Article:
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century we find that among the crimes for which Vanini was sentenced at Toulouse to have his tongue torn out and to be burned alive was his belief that there is a gradation extending upward from the lowest to the highest form of created beings.

In the eighteenth century we find this same idea of an upward progress, especially through the three ages of stone, bronze, and iron, cropping out in scientific form still more definitely from beneath the vast mass of theological reasoning in Germany, France, and England.

The investigations of the last forty years have shown that Lucretius and Horace were inspired prophets: what they saw by the exercise of reason illumined by poetic genius has been now thoroughly based upon facts carefully ascertained and arranged; until Thomsen and Nilsson, the northern archæologists, have brought these prophecies to evident fulfillment, by presenting a scientific classification dividing the age of prehistoric man in various parts of the world between an old stone period, a new stone period, a period of beaten copper, a period of bronze, and a period of iron; and arraying vast masses of facts from all parts of the world, fitting thoroughly into each other, strengthening each other, and showing beyond a doubt that, instead of a fall, there has been a rise of man from the earliest indications in the Quaternary or even, possibly, in the Tertiary period.[1]

The first blow at the fully developed doctrine of "the fall" came, as we have seen, from geology. According to that doctrine, as held quite generally from its beginnings among the fathers and doctors of the primitive Church down to its culmination in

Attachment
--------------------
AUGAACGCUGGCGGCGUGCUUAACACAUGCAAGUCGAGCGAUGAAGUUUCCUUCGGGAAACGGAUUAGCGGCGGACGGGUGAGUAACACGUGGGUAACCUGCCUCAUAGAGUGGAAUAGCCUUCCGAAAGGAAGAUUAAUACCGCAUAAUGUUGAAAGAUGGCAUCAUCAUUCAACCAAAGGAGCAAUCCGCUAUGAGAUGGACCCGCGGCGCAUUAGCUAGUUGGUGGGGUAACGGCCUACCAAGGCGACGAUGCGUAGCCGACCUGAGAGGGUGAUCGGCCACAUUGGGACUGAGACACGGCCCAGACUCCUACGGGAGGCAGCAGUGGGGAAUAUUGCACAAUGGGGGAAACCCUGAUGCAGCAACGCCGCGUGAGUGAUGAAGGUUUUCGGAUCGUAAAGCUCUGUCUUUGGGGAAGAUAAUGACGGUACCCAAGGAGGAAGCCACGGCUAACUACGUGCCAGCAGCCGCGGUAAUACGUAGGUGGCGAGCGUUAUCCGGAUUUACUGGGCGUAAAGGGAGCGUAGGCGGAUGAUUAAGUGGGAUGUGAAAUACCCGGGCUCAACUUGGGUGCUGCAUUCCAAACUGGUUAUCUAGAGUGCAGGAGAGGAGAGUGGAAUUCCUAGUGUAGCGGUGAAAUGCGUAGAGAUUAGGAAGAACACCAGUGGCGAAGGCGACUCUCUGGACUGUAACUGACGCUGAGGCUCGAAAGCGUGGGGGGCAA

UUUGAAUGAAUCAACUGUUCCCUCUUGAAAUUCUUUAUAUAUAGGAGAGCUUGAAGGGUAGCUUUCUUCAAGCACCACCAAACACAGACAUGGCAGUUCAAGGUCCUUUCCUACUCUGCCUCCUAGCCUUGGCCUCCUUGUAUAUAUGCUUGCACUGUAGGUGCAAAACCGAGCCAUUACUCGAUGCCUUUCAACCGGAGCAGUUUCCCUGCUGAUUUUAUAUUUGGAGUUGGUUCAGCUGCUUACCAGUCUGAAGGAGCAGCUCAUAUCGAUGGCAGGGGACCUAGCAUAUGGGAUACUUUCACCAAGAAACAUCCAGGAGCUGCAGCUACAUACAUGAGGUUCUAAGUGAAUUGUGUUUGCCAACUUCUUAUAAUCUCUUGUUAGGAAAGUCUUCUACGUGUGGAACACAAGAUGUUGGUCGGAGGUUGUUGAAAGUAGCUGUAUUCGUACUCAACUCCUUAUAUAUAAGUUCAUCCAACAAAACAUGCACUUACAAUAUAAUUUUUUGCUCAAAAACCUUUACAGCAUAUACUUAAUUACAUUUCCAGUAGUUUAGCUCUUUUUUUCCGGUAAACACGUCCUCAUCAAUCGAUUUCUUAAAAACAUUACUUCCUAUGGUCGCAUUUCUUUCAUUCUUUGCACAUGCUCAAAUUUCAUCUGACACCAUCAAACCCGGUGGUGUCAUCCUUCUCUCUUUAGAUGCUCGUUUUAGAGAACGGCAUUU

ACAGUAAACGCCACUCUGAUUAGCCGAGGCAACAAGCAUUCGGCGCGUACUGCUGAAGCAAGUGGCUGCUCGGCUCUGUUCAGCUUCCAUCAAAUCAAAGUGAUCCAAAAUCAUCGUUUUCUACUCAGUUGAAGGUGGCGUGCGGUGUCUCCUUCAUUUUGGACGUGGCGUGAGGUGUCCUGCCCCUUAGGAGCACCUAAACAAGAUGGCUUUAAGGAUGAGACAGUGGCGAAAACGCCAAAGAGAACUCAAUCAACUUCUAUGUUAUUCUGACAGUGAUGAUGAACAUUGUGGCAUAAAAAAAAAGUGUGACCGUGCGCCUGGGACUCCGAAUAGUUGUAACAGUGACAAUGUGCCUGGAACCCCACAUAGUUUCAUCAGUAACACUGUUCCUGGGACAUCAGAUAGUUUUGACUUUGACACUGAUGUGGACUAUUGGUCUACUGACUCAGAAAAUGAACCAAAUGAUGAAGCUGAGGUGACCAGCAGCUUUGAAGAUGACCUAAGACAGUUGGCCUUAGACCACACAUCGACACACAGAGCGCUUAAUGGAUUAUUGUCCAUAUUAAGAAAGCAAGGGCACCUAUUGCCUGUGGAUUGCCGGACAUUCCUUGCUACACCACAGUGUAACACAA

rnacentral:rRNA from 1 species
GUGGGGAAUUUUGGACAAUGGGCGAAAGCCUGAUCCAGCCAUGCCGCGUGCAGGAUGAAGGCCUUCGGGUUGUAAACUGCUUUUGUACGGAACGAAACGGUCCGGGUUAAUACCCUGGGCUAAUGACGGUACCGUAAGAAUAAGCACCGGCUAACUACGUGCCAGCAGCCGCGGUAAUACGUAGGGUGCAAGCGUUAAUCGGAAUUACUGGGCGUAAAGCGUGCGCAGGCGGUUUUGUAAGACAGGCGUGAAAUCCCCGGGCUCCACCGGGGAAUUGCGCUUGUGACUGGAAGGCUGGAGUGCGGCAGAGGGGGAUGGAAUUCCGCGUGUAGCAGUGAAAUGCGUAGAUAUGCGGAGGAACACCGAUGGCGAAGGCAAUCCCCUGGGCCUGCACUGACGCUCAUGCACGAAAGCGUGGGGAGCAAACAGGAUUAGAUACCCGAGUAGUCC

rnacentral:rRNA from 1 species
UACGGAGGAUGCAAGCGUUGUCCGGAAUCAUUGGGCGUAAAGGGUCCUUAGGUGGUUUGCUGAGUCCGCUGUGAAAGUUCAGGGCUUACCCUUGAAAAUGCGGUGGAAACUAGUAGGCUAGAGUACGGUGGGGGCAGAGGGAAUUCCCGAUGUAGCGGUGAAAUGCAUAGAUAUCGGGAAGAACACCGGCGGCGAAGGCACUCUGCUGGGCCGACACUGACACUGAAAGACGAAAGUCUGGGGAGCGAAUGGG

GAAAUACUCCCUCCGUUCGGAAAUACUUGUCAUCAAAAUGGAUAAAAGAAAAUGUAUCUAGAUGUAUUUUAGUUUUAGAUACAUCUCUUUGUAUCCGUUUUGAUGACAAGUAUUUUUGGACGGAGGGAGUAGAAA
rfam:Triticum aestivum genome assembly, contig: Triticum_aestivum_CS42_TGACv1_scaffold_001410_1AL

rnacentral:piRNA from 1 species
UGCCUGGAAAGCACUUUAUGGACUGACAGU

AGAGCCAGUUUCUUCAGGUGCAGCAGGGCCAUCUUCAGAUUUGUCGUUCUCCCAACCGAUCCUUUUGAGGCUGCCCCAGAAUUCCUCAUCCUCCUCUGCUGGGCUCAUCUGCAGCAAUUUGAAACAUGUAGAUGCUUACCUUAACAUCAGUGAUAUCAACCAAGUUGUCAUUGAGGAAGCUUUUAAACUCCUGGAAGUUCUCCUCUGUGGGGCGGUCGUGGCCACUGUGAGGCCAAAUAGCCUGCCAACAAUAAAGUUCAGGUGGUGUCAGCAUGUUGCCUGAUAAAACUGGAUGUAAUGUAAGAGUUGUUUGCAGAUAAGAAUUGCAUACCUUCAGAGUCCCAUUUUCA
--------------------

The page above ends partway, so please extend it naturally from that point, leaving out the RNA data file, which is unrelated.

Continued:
of Genesis, with the account of the "Fall" as given in the former, see Lenormant, La Génèse, Paris, 1883, pp. 166–168. Of the lines of Lucretius—

    "Anna antiqua, manus, ungues, dentesque fuerunt,
    Et lapides, et item sylvarum fragmina rami,
    Posterius ferri vis est, aerisque reperta,
    Sed prior aeris erat, quam ferri cognitus usus"—

    the translation given is that of Good. For a more exact prose translation, see Munro's Lucretius, fourth edition, which is much more careful, at least in the proof-reading, than the first edition. As regards Lucretius's prophetic insight into some of the greatest conclusions of modern science, see Munro's Translation and Notes, fourth edition, Book V, Notes II, p. 335. On the relation of several passages in Horace to the ideas of Lucretius, see Munro as above.

  1. For Vanini, see Topinard, Éléments d'Anthropologie, p. 52. For a brief and careful summary of the agency of Eccard in Germany, Goguet in France, Hoare in England, and others in various parts of Europe, as regards this development of the scientific view during the eighteenth century, see Mortillet, Le Préhistorique, Paris, 1885, chap. i. And for a shorter summary see Lubbock, Prehistoric Man. For the statements by the northern archæologists, see Nilsson, Worsaae, and the other main works cited in this article. For a generous statement regarding the great services of the Danish archæologists in this field, see Quatrefages, Introduction to Cartailhac, Les Ages Préhistoriques de l'Espagne et du Portugal